PBR’s RidePass Offers Bull-Riding Fans Nonstop Action

Subscription streaming service will cover a variety of Western sports

The latest sports organization to launch its own subscription streaming service is Professional Bull Riders (PBR), which debuted RidePass on Feb. 12. Currently available through iOS and Android apps as well as desktop browsers, RidePass offers fans live events, on-demand highlights, and original programming for $83.88 per year (which works out to $6.99 per month) or monthly payments of $7.99.

Professional Bull Riders launched its own subscription streaming service called RidePass this month.

PBR is a 25-year-old organization started by 20 experienced rodeo bull riders who tossed in $1,000 each. It has grown into a global force that operates in five international territories and thrills 700,000 fans per year at events. It signed TV deals with CBS and CBS Sports in the U.S. and other networks in Brazil, Canada, and Australia. It runs two tours — Unleash the Beast and the Real Time Pain Relief Velocity Tour — and has seen its TV-viewing numbers climb. Two years ago, PBR was acquired by a company now named Endeavor.

Although RidePass is a new offering, PBR isn’t new to streaming. The organization previously offered a free ad-supported service called PBR Live. Consider that a beta product meant to test the waters. Based on its success, PBR put together a business plan and created RidePass. The service gives fans more of what they love: although CBS broadcasts 14 of the organization’s annual events and CBS Sports offers another 36, that leaves a lot of bull riding for RidePass to live-stream.

There’s more to the service, though. PBR sees RidePass as an OTT play that will cover a wide variety of Western sports. The organization just signed a deal to represent the media rights of the National High School Rodeo Association, which counts 12,000 student-members competing in hundreds of events each year. PBR will create new media opportunities for the NHSRA, including streaming some events to RidePass.

Fans of PBR’s events will like RidePass’s DVR functionality, which enables them to pause and resume the action. The service will deliver around 500 hours of live event coverage each year, as well as a large library of on-demand content. PBR maintains a library of 7,000 bull-riding assets, and 1,500 of them are available through RidePass. Most of that content comprises highlights from the 2016 and 2017 seasons, as well as iconic rides from PBR’s long history.

“We’ve long felt that, among Western sports fans, there is a significant amount of unmet demand in terms of fan passion for more coverage of Western sports: not only PBR but broader rodeo and Western sports as well. It’s a hugely passionate fan base,” says Chad Blankenship, SVP, brand marketing and digital, PBR. “RidePass is an opportunity to bring them more PBR and more Western sports in general.”

PBR’s Chad Blankenship: “We’ve long felt that there is a significant amount of unmet demand in terms of fan passion for more coverage of Western sports.”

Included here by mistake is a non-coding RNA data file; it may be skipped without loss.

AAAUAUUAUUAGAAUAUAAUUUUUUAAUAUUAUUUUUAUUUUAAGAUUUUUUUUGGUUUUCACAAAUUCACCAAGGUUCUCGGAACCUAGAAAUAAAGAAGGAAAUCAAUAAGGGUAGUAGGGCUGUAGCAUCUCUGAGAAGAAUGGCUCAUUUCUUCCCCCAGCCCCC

RidePass will offer two original series, the first of which is already online. In Keeping It 90,” humorous online personality Dale Brisby steps in as a coach to help two-time world champion J.B. Mauney recover from injury. (“Keeping it 90” is a bull-riding expression that means scoring over 90 points on a ride, which only elite riders can pull off.) Coming soon is In Color, a docu-series that interviews key people in the bull-riding world.

To make sorting through catalog highlights easier for fans, RidePass offers curated content. It might feature a playlist of past winners just before an annual contest, for example. Viewers who want to see bull riding go wrong should check out the rides-and-wrecks highlight reels.

PBR had this service in mind when negotiating with CBS and CBS Sports, keeping one-third of its elite tour events exclusive to RidePass. It also retained next-day VOD rights for all TV telecasts.

PBR produces all its events in-house, even for TV broadcast. It works with a Teredek board and encodes streams through a Wowza Amazon Web Services (AWS) instance. The feed travels to Endeavor’s team in the UK before going to content-distribution network Akamai for home streaming. Website playback is handled by JW Player. The service doesn’t currently carry ads but will begin with a light ad load on live event coverage in the next few months.

Look for platform improvements to show up soon: PBR’s product roadmap calls for the service to support Amazon, Roku, Apple TV, Xbox, and PlayStation devices over the next three or four months. PBR is also looking to sign more rodeo sports.

“One of our key priorities is to continue to strike media-rights representation and distribution deals with partners we think make sense for the product, when we can put deals together that make sense for both parties,” Blankenship says. “We’ve got another half dozen of those in the works right now. We want to bring some of the best-known, highest-quality rodeos to RidePass. We’ve already got some of them right now that we will, as a strategic priority, be looking to bring to RidePass over the next 12-24 months.”

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